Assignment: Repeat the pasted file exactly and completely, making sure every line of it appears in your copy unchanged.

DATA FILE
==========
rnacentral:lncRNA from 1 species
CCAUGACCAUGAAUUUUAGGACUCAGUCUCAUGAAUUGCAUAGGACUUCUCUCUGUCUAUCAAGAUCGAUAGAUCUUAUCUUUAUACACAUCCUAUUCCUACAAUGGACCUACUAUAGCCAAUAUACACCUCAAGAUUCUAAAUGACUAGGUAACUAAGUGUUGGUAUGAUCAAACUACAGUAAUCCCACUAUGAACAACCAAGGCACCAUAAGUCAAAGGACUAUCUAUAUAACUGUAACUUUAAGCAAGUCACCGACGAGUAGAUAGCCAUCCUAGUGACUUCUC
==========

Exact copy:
rnacentral:lncRNA from 1 species
CCAUGACCAUGAAUUUUAGGACUCAGUCUCAUGAAUUGCAUAGGACUUCUCUCUGUCUAUCAAGAUCGAUAGAUCUUAUCUUUAUACACAUCCUAUUCCUACAAUGGACCUACUAUAGCCAAUAUACACCUCAAGAUUCUAAAUGACUAGGUAACUAAGUGUUGGUAUGAUCAAACUACAGUAAUCCCACUAUGAACAACCAAGGCACCAUAAGUCAAAGGACUAUCUAUAUAACUGUAACUUUAAGCAAGUCACCGACGAGUAGAUAGCCAUCCUAGUGACUUCUC